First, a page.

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The Masked Tulip

Living On Borrowed Time

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Just watched an interesting Budget 2008 item on Sky News by Michael Wilson, their Business guy, looking at all the debt that the UK has. Pointed out the obvious - that Brown needs the Public to keep spending in order to get taxes but that the UK Public are now living on borrowed time re debt.

Nothing new in there for HPCers but great to see such a negative view of debt, housing and the economy on a mainstream channel.

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Guest vicmac64

Well done to the reverend gentleman who was playing his part against debt and usury.

This was a bearish programme big time - surprised sky gave it an airing.

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Michael Wilson appears to have been a closet bear for some time but methinks he has come out of late. This morning he was talking about the 100 billion central bank funding and said that whilst it was boosting the markets he was of the opinion that perhaps the central banks know something that the rest of us don't know.

Hi Michael, if you are here. I have a suspicion that you are. If so, keep up the good work. It is good to have business journalists on the telly who actually say it like it is and who do not simply churn out Government press releases.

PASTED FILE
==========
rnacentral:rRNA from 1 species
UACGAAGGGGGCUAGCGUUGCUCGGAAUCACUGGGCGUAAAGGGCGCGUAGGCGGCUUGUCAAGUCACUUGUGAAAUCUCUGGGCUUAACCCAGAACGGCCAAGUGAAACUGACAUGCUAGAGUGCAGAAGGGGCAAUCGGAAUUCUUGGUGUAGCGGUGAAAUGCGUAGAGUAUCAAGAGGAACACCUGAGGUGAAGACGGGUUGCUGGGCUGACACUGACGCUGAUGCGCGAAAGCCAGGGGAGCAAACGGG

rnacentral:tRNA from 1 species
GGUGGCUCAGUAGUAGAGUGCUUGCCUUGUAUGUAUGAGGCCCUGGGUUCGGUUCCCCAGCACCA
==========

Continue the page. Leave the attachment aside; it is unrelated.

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Halifax research estimates:

The number of FTBs is at its lowest since 1980. An estimated 300,000 first time buyers entered the market in 2007 - 44% less than in 2002 (532,000).

The average deposit put down by a FTB was £34,381 in 2007 - an 88% increase over the past five years.

The average FTB deposit was 20% higher than UK average full-time earnings of £28,590 in 2007.

FTBs cannot afford to purchase a terraced property - traditionally the least expensive property type - in 71% of towns across the UK (322 out of 454). This stood at 11% in 2002.

Shocking. Utterly shocking.

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Shocking. Utterly shocking.

Its shocking that people have been paying it and expecting it to all be fine. I am so thankful we havent bought in the last couple of years, the news which is now mainstream must be absolutely terrifying if you have a massive mortgage and no illusion of constant hpi.

A couple I know bought in an unfashionable commuter town last year. Theyre miles from the station and paid over £180,000 for a 3 bed terrace. Seemed perfectly sensible then but then if you start looking at falls back to 2002 (previously unthinkable) and the drops are massive.

They were saying that if prices fall they'll still be able to upgrade as the next place will be cheaper, it seems they didnt understand what negative equity means when they took out their mortgage though. Unless they can save the shortfall theyre stuck there.

Theyre just regular working people and theres millions in the same situation.

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  • 293 Brexit, House prices and Summer 2020

    1. 1. Including the effects Brexit, where do you think average UK house prices will be relative to now in June 2020?


      • down 5% +
      • down 2.5%
      • Even
      • up 2.5%
      • up 5%



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